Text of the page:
Word of warning for parents: The DVD set contains a longer version of the pilot episode. It's great fun to see that action-packed first show fleshed out...but apparently it must have been planned for HBO or something, because it has some pretty serious swearing in it. In later episodes, some tirades of swearing are bleeped out to absolutely hilarious effect. But keep your little ones away from the unexpurgated pilot.

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More Arrested Development - Season ... reviews
review by . October 03, 2006
posted in Pass The Remote!
I was introduced to ARRESTED DEVELOPMENT through a good friend. From watching the first episode I was hooked. Unfortunately, I was one of many people who didn't discover the show until after it had been canceled at Fox. The show is filmed in veritae style (like a documentary) and though much of the acting seems to be improved, it is not. The writing on the show is full of wit and humor and is funny on numerous different levels, not to mention that a small side joke might have significance a few …
About the reviewer
I've got my own site,, on which I'm posting my reviews. I am 46 years old, married 25 years, two kids (23 & 18) and currently work in accounting/finance. I spent 15 years … more
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Winner of the Outstanding Comedy Series Emmy its first year out,Arrested Developmentis the kind of sitcom that gives you hope for television. A mockumentary-style exploration of the beleaguered Bluth family, it's one of those idiosyncratic shows that doesn't rely on a laugh track or a studio audience; it's shot more like a TV drama, albeit with an omniscient narrator (executive producer Ron Howard) overseeing the proceedings. Holding the Bluths together just barely is son Michael Bluth (Jason Bateman), the only normal guy in a family that's chock full of nuts. Hardworking and sensible, Michael's certain he's going to be given control of his family's Enron-style corporation upon the retirement of his father (Jeffrey Tambor). The fact that he's passed over instead for his mother (Jessica Walter) is only a blip when compared to his father's immediate arrest for dubious accounting practices, and the resulting freeze on the family's previously limitless wealth.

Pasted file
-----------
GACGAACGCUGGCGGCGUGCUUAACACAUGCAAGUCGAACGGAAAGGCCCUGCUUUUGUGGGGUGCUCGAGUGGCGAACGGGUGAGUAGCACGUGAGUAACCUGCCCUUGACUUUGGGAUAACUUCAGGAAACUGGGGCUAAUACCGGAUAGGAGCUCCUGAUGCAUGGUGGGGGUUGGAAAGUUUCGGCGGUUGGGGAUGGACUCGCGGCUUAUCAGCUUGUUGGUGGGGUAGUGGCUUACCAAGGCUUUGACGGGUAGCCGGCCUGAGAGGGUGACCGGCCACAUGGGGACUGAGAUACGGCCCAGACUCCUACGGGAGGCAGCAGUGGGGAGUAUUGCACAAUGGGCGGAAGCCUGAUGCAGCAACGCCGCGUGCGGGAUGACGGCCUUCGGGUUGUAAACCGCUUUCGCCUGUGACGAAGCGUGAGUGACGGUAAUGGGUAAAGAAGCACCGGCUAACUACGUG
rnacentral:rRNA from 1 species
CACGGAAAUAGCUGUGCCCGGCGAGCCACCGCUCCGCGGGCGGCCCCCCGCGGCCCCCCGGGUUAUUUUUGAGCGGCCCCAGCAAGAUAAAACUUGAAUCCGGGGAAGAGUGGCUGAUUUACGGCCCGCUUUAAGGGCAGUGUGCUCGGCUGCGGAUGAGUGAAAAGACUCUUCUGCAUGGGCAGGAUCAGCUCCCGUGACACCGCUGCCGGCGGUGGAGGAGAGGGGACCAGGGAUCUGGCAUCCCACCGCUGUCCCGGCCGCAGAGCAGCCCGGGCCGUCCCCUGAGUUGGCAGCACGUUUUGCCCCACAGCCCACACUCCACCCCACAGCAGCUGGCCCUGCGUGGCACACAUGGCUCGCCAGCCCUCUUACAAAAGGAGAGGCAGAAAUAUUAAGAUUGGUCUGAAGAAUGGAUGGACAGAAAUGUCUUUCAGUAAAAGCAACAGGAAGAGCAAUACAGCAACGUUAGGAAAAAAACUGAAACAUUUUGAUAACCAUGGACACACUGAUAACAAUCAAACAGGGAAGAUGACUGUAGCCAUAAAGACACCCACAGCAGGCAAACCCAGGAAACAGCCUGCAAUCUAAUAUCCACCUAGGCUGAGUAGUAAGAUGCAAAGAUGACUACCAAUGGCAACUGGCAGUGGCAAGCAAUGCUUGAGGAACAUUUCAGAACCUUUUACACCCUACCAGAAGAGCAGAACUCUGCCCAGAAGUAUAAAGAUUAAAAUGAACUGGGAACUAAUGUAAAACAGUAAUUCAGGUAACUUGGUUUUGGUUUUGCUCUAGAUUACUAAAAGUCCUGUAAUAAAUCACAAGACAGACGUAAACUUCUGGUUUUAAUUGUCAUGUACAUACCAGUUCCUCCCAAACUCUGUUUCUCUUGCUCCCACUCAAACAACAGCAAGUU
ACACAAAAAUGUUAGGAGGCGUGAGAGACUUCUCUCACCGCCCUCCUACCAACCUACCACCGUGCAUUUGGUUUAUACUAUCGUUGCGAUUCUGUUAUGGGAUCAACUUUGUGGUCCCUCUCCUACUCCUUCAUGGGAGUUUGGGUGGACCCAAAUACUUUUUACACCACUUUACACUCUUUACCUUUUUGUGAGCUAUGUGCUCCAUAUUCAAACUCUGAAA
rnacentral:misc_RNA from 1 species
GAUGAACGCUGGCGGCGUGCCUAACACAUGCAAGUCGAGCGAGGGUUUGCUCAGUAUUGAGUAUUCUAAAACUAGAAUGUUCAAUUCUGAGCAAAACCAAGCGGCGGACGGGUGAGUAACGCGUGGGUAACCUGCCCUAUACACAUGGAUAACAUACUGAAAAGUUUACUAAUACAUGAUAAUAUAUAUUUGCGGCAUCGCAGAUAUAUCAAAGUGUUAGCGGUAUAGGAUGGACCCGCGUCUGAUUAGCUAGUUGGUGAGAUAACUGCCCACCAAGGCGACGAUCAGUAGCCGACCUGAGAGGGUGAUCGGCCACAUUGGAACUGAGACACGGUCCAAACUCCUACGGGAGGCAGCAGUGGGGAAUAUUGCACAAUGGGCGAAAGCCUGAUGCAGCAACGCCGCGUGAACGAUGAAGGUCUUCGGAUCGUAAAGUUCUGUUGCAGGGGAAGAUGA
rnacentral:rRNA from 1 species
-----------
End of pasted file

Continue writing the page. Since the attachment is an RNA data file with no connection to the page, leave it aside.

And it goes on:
Bereft of money, and even less family love, the Bluths have to band together in their moment of need--not easy when everyone's looking out for number 1. In addition to his scabrous parents, Michael has to contend with his lothario older brother (Will Arnett), his basically useless younger brother (Tony Hale), his greedy twin sister (Portia DeRossi), and her sexually ambiguous husband (David Cross). Michael's only comrade in sanity is his son George Michael (Michael Cera), but then again, the teenage boy harbors a secret ...

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Screen Writer: Abraham Higginbotham
DVD Release Date: October 19, 2004
Runtime: 491 minutes
Studio: 20th Century Fox